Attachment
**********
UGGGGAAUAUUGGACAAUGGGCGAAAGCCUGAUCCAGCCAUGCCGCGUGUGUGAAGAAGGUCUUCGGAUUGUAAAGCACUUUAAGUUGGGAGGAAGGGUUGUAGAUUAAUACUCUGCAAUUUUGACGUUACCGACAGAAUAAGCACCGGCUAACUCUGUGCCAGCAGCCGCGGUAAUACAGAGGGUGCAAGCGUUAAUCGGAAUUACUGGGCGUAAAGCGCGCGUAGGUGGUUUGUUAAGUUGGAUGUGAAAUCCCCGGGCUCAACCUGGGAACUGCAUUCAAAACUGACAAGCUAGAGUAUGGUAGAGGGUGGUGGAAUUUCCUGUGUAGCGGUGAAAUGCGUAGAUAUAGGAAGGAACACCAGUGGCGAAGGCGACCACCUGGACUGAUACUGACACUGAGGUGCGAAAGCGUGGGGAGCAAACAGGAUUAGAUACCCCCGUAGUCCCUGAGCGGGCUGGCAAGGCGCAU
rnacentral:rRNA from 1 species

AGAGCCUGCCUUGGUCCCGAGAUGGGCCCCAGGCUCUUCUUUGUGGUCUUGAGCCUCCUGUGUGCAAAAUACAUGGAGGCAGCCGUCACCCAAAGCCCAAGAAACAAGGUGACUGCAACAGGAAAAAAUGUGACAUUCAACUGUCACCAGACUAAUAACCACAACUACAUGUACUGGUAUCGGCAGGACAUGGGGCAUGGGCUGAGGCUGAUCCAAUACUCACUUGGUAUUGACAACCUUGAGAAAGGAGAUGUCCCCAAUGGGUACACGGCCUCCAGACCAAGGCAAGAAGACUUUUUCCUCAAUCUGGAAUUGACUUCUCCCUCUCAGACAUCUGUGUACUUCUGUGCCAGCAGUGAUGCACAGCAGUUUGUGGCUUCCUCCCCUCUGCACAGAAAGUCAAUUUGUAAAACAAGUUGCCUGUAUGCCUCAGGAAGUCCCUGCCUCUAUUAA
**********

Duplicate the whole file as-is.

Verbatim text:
UGGGGAAUAUUGGACAAUGGGCGAAAGCCUGAUCCAGCCAUGCCGCGUGUGUGAAGAAGGUCUUCGGAUUGUAAAGCACUUUAAGUUGGGAGGAAGGGUUGUAGAUUAAUACUCUGCAAUUUUGACGUUACCGACAGAAUAAGCACCGGCUAACUCUGUGCCAGCAGCCGCGGUAAUACAGAGGGUGCAAGCGUUAAUCGGAAUUACUGGGCGUAAAGCGCGCGUAGGUGGUUUGUUAAGUUGGAUGUGAAAUCCCCGGGCUCAACCUGGGAACUGCAUUCAAAACUGACAAGCUAGAGUAUGGUAGAGGGUGGUGGAAUUUCCUGUGUAGCGGUGAAAUGCGUAGAUAUAGGAAGGAACACCAGUGGCGAAGGCGACCACCUGGACUGAUACUGACACUGAGGUGCGAAAGCGUGGGGAGCAAACAGGAUUAGAUACCCCCGUAGUCCCUGAGCGGGCUGGCAAGGCGCAU
rnacentral:rRNA from 1 species

AGAGCCUGCCUUGGUCCCGAGAUGGGCCCCAGGCUCUUCUUUGUGGUCUUGAGCCUCCUGUGUGCAAAAUACAUGGAGGCAGCCGUCACCCAAAGCCCAAGAAACAAGGUGACUGCAACAGGAAAAAAUGUGACAUUCAACUGUCACCAGACUAAUAACCACAACUACAUGUACUGGUAUCGGCAGGACAUGGGGCAUGGGCUGAGGCUGAUCCAAUACUCACUUGGUAUUGACAACCUUGAGAAAGGAGAUGUCCCCAAUGGGUACACGGCCUCCAGACCAAGGCAAGAAGACUUUUUCCUCAAUCUGGAAUUGACUUCUCCCUCUCAGACAUCUGUGUACUUCUGUGCCAGCAGUGAUGCACAGCAGUUUGUGGCUUCCUCCCCUCUGCACAGAAAGUCAAUUUGUAAAACAAGUUGCCUGUAUGCCUCAGGAAGUCCCUGCCUCUAUUAA